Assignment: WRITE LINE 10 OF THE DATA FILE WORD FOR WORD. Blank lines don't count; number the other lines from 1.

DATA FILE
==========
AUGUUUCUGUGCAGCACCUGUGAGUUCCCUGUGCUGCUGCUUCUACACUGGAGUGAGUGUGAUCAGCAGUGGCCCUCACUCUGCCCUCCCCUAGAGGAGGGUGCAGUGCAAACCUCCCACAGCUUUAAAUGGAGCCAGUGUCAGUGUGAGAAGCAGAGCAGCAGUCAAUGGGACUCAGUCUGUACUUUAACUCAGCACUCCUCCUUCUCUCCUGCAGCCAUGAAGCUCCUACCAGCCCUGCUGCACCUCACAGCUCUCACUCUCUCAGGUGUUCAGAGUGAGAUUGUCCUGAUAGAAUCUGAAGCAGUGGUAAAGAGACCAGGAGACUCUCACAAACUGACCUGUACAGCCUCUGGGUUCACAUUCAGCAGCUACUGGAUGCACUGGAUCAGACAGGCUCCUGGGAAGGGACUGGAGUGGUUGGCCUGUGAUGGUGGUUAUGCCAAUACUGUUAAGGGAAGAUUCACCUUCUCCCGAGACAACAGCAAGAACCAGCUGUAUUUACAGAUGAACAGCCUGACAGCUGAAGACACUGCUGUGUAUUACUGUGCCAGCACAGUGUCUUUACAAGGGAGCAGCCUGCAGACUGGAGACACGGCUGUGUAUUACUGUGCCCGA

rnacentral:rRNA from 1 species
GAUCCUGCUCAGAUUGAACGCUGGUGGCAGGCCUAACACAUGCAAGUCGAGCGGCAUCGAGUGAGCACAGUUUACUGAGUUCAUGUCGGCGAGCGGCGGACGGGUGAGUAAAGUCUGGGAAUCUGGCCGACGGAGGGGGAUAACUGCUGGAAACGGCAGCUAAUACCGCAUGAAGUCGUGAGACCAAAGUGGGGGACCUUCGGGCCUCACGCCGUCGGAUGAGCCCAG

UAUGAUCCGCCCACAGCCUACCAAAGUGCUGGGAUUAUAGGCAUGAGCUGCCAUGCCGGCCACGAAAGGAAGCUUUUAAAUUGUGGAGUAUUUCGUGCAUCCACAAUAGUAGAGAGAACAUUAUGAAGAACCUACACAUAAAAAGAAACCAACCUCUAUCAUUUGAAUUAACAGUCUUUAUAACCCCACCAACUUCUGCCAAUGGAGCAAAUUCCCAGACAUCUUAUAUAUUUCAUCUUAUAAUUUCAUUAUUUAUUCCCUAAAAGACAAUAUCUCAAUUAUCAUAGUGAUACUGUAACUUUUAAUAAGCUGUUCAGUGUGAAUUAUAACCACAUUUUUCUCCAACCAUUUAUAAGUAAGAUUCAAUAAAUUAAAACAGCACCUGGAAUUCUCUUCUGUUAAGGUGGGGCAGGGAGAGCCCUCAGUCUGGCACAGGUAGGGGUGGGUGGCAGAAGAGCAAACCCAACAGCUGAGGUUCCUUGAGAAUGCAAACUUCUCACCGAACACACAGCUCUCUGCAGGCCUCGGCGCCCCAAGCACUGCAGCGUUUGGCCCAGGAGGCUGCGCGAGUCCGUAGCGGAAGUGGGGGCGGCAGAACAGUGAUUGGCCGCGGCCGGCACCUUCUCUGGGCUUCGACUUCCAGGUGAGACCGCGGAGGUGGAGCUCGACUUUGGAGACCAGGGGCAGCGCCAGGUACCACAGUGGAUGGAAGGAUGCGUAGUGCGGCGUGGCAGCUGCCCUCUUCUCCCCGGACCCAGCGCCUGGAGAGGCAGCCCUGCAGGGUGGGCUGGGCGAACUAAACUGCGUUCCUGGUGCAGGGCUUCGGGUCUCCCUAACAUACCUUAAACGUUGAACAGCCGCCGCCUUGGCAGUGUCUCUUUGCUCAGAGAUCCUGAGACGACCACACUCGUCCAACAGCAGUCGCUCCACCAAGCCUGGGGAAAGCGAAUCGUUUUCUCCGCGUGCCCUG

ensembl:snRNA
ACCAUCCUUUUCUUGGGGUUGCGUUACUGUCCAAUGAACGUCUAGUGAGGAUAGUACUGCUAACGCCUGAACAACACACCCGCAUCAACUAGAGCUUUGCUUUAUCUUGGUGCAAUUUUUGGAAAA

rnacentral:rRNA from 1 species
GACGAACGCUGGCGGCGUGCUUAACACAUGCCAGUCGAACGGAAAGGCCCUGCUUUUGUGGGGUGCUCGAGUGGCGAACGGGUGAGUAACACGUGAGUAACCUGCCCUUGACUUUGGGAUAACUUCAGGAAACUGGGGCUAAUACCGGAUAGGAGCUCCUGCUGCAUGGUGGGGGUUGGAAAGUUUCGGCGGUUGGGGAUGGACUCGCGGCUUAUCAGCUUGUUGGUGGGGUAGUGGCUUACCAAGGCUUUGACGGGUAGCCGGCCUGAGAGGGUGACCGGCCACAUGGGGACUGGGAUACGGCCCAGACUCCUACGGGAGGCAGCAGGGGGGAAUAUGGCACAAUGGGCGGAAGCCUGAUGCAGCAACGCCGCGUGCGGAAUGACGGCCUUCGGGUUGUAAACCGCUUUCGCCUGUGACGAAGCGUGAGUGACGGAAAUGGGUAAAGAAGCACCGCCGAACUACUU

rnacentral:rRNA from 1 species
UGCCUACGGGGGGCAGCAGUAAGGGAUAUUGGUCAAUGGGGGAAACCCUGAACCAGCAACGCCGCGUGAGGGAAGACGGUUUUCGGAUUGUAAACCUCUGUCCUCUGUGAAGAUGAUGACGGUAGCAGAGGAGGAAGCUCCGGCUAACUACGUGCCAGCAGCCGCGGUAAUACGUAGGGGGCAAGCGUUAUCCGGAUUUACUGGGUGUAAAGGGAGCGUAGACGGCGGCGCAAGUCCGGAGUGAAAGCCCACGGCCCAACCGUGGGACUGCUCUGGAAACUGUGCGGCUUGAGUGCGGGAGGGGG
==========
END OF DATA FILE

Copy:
UGCCUACGGGGGGCAGCAGUAAGGGAUAUUGGUCAAUGGGGGAAACCCUGAACCAGCAACGCCGCGUGAGGGAAGACGGUUUUCGGAUUGUAAACCUCUGUCCUCUGUGAAGAUGAUGACGGUAGCAGAGGAGGAAGCUCCGGCUAACUACGUGCCAGCAGCCGCGGUAAUACGUAGGGGGCAAGCGUUAUCCGGAUUUACUGGGUGUAAAGGGAGCGUAGACGGCGGCGCAAGUCCGGAGUGAAAGCCCACGGCCCAACCGUGGGACUGCUCUGGAAACUGUGCGGCUUGAGUGCGGGAGGGGG